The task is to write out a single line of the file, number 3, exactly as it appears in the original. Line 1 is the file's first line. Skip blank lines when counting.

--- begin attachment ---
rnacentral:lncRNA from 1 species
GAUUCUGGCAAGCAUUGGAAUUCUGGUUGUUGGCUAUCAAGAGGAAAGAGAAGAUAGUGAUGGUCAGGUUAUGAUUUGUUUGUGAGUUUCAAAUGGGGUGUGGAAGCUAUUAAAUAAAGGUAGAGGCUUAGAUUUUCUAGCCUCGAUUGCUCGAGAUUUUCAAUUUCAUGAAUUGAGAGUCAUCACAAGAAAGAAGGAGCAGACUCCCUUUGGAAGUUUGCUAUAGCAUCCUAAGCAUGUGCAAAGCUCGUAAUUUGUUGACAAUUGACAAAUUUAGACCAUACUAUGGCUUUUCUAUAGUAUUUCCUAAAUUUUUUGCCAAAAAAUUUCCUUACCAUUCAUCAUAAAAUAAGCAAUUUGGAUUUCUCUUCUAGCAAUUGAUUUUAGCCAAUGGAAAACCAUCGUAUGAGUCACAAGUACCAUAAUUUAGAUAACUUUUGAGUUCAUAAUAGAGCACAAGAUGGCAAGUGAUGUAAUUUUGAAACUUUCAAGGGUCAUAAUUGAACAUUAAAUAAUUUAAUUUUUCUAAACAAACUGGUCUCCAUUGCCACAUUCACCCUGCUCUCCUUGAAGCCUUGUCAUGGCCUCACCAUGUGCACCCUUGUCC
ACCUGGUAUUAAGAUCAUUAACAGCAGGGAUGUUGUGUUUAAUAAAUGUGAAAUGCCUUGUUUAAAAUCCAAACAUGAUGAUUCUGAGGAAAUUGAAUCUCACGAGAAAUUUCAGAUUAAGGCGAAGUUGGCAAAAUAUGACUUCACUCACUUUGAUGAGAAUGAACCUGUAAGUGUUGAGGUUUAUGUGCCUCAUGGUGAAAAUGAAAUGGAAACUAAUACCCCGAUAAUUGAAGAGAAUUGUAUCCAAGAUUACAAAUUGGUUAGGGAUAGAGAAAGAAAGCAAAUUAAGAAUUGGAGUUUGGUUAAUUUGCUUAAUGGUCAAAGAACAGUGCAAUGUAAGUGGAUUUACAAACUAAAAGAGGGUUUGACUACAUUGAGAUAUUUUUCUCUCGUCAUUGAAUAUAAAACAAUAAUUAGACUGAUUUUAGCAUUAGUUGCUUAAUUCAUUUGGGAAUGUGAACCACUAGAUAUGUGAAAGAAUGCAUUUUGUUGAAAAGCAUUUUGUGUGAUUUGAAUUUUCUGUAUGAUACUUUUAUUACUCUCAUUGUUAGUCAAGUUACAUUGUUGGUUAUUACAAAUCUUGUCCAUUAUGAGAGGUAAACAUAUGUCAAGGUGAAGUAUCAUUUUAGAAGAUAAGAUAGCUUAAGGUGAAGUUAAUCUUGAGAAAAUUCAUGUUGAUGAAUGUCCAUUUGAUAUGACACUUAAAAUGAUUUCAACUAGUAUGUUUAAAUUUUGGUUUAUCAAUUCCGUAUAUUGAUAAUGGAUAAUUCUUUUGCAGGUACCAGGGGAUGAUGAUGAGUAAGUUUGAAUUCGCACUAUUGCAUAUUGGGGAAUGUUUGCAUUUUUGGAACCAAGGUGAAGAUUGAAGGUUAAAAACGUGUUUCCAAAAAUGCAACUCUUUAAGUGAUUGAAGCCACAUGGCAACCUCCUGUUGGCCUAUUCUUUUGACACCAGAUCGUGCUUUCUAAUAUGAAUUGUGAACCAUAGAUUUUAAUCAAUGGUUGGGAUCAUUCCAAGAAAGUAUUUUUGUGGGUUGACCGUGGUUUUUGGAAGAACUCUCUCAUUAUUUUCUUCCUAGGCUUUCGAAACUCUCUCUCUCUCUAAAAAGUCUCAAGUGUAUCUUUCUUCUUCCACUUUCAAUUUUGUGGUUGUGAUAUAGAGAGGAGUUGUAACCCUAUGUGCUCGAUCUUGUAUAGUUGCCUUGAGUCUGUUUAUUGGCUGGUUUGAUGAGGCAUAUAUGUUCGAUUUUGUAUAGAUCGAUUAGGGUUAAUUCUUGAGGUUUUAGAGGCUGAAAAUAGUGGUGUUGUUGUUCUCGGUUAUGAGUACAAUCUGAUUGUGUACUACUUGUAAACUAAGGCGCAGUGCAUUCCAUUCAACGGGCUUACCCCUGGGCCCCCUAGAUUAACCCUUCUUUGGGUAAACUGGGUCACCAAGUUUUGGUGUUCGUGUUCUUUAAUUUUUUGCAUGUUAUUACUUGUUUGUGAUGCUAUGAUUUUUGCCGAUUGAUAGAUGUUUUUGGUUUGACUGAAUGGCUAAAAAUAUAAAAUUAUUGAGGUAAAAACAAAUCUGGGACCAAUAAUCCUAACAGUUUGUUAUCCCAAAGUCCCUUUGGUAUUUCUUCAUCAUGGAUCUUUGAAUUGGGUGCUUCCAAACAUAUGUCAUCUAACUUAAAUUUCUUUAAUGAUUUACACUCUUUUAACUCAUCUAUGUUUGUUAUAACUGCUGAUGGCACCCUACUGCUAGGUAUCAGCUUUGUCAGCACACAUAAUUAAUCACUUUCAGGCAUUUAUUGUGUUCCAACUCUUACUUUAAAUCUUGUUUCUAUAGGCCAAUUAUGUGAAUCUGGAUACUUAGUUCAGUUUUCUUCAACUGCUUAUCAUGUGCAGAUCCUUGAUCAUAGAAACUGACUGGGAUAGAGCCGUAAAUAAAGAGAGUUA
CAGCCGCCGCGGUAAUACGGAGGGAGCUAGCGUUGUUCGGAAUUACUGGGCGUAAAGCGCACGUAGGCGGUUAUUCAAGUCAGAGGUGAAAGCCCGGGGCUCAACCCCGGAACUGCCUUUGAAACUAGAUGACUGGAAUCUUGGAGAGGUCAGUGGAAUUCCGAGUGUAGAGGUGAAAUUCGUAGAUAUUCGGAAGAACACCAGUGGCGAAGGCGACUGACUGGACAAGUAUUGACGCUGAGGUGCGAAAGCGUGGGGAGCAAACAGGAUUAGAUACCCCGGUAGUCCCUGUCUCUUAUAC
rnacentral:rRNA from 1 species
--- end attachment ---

ACCUGGUAUUAAGAUCAUUAACAGCAGGGAUGUUGUGUUUAAUAAAUGUGAAAUGCCUUGUUUAAAAUCCAAACAUGAUGAUUCUGAGGAAAUUGAAUCUCACGAGAAAUUUCAGAUUAAGGCGAAGUUGGCAAAAUAUGACUUCACUCACUUUGAUGAGAAUGAACCUGUAAGUGUUGAGGUUUAUGUGCCUCAUGGUGAAAAUGAAAUGGAAACUAAUACCCCGAUAAUUGAAGAGAAUUGUAUCCAAGAUUACAAAUUGGUUAGGGAUAGAGAAAGAAAGCAAAUUAAGAAUUGGAGUUUGGUUAAUUUGCUUAAUGGUCAAAGAACAGUGCAAUGUAAGUGGAUUUACAAACUAAAAGAGGGUUUGACUACAUUGAGAUAUUUUUCUCUCGUCAUUGAAUAUAAAACAAUAAUUAGACUGAUUUUAGCAUUAGUUGCUUAAUUCAUUUGGGAAUGUGAACCACUAGAUAUGUGAAAGAAUGCAUUUUGUUGAAAAGCAUUUUGUGUGAUUUGAAUUUUCUGUAUGAUACUUUUAUUACUCUCAUUGUUAGUCAAGUUACAUUGUUGGUUAUUACAAAUCUUGUCCAUUAUGAGAGGUAAACAUAUGUCAAGGUGAAGUAUCAUUUUAGAAGAUAAGAUAGCUUAAGGUGAAGUUAAUCUUGAGAAAAUUCAUGUUGAUGAAUGUCCAUUUGAUAUGACACUUAAAAUGAUUUCAACUAGUAUGUUUAAAUUUUGGUUUAUCAAUUCCGUAUAUUGAUAAUGGAUAAUUCUUUUGCAGGUACCAGGGGAUGAUGAUGAGUAAGUUUGAAUUCGCACUAUUGCAUAUUGGGGAAUGUUUGCAUUUUUGGAACCAAGGUGAAGAUUGAAGGUUAAAAACGUGUUUCCAAAAAUGCAACUCUUUAAGUGAUUGAAGCCACAUGGCAACCUCCUGUUGGCCUAUUCUUUUGACACCAGAUCGUGCUUUCUAAUAUGAAUUGUGAACCAUAGAUUUUAAUCAAUGGUUGGGAUCAUUCCAAGAAAGUAUUUUUGUGGGUUGACCGUGGUUUUUGGAAGAACUCUCUCAUUAUUUUCUUCCUAGGCUUUCGAAACUCUCUCUCUCUCUAAAAAGUCUCAAGUGUAUCUUUCUUCUUCCACUUUCAAUUUUGUGGUUGUGAUAUAGAGAGGAGUUGUAACCCUAUGUGCUCGAUCUUGUAUAGUUGCCUUGAGUCUGUUUAUUGGCUGGUUUGAUGAGGCAUAUAUGUUCGAUUUUGUAUAGAUCGAUUAGGGUUAAUUCUUGAGGUUUUAGAGGCUGAAAAUAGUGGUGUUGUUGUUCUCGGUUAUGAGUACAAUCUGAUUGUGUACUACUUGUAAACUAAGGCGCAGUGCAUUCCAUUCAACGGGCUUACCCCUGGGCCCCCUAGAUUAACCCUUCUUUGGGUAAACUGGGUCACCAAGUUUUGGUGUUCGUGUUCUUUAAUUUUUUGCAUGUUAUUACUUGUUUGUGAUGCUAUGAUUUUUGCCGAUUGAUAGAUGUUUUUGGUUUGACUGAAUGGCUAAAAAUAUAAAAUUAUUGAGGUAAAAACAAAUCUGGGACCAAUAAUCCUAACAGUUUGUUAUCCCAAAGUCCCUUUGGUAUUUCUUCAUCAUGGAUCUUUGAAUUGGGUGCUUCCAAACAUAUGUCAUCUAACUUAAAUUUCUUUAAUGAUUUACACUCUUUUAACUCAUCUAUGUUUGUUAUAACUGCUGAUGGCACCCUACUGCUAGGUAUCAGCUUUGUCAGCACACAUAAUUAAUCACUUUCAGGCAUUUAUUGUGUUCCAACUCUUACUUUAAAUCUUGUUUCUAUAGGCCAAUUAUGUGAAUCUGGAUACUUAGUUCAGUUUUCUUCAACUGCUUAUCAUGUGCAGAUCCUUGAUCAUAGAAACUGACUGGGAUAGAGCCGUAAAUAAAGAGAGUUA